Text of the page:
February 1, 2016

Tracks in the Snow

By Dave Erler, Senior Naturalist

Skunk tracks in the snow.
A week ago I was out in the woods behind my house. To get to the woods I have to cross a stream. The stream is fairly small, too small to paddle a canoe on, but just a little too wide to jump across. To surmount this obstacle I always cross in the same place where I constructed a couple of crude bridges about three decades ago. As got to the first bridge I noticed that a thin coat of ice had finally formed and was coated with a dusting of snow from the night before.

Looking down from the bridge I could see two sets of small tracks. I stopped and looked a little closer and it was clear from the patterns and size of tracks they were from two different animals. One set had smaller footprints paired side by side with about a 12 to 13 inch gap between sets of tracks. The other prints were also paired, but a bit rounder in shape; more definite comma-shaped claw marks and a longer gap between the sets of prints. From that evidence it was clear a Long-tailed Weasel and a Mink had passed through. Both sets of tracks were heading in the same direction, but knowing these two species don’t socialize I began to wonder. Which one had come through first? Was one following the other? Where were they going and where had they come from? Had I just missed an opportunity to see one of them?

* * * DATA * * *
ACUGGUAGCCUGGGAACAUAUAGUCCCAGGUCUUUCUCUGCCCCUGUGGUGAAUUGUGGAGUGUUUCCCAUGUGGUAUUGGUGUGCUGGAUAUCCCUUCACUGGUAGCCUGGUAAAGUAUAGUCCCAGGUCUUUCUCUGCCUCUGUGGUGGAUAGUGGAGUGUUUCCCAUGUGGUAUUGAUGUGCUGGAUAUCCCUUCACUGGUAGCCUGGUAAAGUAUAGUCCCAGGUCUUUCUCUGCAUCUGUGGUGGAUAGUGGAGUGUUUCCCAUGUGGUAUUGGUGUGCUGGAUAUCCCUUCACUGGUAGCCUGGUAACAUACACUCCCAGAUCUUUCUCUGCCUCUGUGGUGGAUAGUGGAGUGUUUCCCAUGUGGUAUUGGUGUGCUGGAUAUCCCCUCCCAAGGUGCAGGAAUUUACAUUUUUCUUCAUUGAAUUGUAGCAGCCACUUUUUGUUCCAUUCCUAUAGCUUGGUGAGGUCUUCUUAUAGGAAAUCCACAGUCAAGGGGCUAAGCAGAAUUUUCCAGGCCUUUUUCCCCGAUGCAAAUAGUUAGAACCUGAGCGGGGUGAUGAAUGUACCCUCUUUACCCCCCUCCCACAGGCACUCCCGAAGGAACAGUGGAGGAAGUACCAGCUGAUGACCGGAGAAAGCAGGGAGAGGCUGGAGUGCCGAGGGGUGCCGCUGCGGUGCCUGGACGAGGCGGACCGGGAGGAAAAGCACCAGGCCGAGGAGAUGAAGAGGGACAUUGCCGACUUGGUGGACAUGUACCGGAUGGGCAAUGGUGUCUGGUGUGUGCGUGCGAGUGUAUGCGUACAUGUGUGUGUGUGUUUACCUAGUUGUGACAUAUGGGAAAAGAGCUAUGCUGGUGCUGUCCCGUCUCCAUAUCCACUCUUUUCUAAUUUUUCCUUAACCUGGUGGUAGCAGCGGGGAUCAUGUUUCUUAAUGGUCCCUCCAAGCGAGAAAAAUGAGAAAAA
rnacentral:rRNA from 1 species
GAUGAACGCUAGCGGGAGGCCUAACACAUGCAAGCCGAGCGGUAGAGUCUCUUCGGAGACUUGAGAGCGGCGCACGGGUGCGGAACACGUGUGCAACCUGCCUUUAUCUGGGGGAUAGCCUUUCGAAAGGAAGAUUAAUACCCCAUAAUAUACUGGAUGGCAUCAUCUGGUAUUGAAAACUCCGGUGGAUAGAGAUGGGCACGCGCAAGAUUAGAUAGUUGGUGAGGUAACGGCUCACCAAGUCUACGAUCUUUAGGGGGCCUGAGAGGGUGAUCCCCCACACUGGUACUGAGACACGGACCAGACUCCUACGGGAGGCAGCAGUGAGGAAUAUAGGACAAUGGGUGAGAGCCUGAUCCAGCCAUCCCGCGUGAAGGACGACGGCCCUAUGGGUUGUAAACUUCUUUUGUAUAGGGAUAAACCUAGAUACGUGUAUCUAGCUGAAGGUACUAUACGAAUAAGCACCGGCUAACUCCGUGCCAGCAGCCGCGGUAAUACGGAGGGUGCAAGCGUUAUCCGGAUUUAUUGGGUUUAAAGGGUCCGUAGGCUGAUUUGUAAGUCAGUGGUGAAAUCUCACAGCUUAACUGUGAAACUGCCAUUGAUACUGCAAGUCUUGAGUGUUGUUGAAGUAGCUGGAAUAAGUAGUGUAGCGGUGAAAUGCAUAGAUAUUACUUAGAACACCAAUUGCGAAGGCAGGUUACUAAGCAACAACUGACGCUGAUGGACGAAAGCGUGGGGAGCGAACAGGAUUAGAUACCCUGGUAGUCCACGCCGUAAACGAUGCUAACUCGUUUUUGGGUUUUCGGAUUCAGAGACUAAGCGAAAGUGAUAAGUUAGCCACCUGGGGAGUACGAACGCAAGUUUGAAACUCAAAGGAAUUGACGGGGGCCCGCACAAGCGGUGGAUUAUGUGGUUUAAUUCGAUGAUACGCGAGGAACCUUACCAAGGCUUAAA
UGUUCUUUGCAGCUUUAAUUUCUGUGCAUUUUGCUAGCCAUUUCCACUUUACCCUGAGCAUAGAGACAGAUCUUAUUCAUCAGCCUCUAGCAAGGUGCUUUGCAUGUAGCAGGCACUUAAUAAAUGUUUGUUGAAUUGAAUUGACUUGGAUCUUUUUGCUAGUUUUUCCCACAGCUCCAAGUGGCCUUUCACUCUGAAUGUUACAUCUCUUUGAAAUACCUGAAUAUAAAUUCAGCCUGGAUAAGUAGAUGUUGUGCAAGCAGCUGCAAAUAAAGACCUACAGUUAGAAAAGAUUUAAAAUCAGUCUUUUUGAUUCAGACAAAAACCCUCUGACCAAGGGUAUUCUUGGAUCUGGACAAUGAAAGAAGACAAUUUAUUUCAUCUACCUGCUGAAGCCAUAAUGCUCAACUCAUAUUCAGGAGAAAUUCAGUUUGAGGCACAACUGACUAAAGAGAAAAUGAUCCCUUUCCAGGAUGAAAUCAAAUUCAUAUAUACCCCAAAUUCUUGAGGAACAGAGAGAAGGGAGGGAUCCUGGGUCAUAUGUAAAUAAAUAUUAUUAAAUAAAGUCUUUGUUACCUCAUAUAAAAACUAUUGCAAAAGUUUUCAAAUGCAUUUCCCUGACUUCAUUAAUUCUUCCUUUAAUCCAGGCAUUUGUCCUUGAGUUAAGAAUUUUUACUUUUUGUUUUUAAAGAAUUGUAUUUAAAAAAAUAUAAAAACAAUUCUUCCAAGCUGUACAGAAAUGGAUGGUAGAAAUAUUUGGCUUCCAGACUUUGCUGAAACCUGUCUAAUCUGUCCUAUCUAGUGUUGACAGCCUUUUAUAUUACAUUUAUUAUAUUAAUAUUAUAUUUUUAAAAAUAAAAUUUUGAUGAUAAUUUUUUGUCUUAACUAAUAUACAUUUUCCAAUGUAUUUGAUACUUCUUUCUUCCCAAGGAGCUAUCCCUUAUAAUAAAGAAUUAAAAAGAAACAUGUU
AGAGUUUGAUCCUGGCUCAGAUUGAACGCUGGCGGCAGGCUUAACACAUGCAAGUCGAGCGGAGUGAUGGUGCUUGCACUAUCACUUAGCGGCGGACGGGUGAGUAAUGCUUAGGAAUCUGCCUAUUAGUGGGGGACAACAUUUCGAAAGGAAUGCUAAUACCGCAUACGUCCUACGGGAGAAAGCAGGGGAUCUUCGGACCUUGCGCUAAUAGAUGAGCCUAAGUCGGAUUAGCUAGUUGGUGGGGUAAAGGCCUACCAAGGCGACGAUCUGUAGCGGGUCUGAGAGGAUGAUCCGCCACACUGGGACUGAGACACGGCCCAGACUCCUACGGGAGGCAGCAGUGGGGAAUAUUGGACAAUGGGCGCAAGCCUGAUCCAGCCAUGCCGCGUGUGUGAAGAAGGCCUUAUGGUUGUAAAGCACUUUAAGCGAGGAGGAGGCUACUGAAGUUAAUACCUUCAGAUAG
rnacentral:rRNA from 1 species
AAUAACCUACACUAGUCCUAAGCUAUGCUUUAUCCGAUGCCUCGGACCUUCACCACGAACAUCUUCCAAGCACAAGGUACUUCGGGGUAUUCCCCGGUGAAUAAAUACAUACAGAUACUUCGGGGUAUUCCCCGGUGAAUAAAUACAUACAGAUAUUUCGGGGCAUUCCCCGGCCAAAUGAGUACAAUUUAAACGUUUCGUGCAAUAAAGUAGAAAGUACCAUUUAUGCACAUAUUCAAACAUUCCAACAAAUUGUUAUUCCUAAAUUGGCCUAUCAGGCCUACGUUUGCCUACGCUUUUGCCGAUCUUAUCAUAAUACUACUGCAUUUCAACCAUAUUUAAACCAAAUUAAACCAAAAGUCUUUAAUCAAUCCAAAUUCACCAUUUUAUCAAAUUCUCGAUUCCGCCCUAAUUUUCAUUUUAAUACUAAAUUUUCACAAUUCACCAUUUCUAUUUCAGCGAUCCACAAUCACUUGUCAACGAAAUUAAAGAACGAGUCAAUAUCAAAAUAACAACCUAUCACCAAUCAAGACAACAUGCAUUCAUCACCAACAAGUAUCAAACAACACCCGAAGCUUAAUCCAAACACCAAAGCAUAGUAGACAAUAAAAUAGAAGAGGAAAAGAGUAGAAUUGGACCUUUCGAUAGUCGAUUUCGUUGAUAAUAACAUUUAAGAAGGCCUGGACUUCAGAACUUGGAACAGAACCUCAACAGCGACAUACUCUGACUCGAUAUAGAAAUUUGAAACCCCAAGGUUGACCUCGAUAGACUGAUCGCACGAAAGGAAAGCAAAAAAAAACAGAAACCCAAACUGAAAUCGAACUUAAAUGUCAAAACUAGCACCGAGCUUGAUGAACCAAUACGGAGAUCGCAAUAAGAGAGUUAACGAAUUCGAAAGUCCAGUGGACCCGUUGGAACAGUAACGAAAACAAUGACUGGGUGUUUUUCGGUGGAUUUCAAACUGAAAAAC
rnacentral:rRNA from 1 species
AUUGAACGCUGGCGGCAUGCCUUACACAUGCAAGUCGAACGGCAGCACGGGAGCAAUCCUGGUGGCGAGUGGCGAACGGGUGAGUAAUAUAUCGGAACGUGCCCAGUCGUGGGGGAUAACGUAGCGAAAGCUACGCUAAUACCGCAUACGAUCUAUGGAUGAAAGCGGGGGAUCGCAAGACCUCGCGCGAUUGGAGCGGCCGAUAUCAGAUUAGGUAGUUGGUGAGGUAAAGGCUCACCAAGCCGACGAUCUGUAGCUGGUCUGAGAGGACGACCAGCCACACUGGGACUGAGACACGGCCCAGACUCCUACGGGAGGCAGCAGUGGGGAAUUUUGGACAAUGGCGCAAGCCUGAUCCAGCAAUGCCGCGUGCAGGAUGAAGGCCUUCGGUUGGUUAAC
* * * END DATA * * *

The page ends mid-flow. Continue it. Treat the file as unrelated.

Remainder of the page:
I followed the tracks as best I could along the bank, but the dense growth of alders made it difficult and I gave up the effort after a few dozen yards. But even from following them that short distance it seemed clear they both were on a mission. If someone were to follow my tracks it would be clear I was randomly rambling about. In fact if someone followed long enough they would have been led in a large irregular circle eventually coming back across the bridge and to my doorstep. Once there they would have found me enjoying the warmth of the wood stove. As for the mink and the weasel, they have no such luxury. For them survival depends on using energy efficiently at a time of the year when food is hard to come by and the conditions are brutal. They have no time to wander about aimlessly.

Winter often seems devoid of life with so many of the birds having gone south and so many other animals lying dormant until spring arrives and awakens them. For those creatures that remain active and take on the challenge of winter I am thankful. I am thankful for the tracks they leave in the snow to give me reason to wonder and wander through winter as well.

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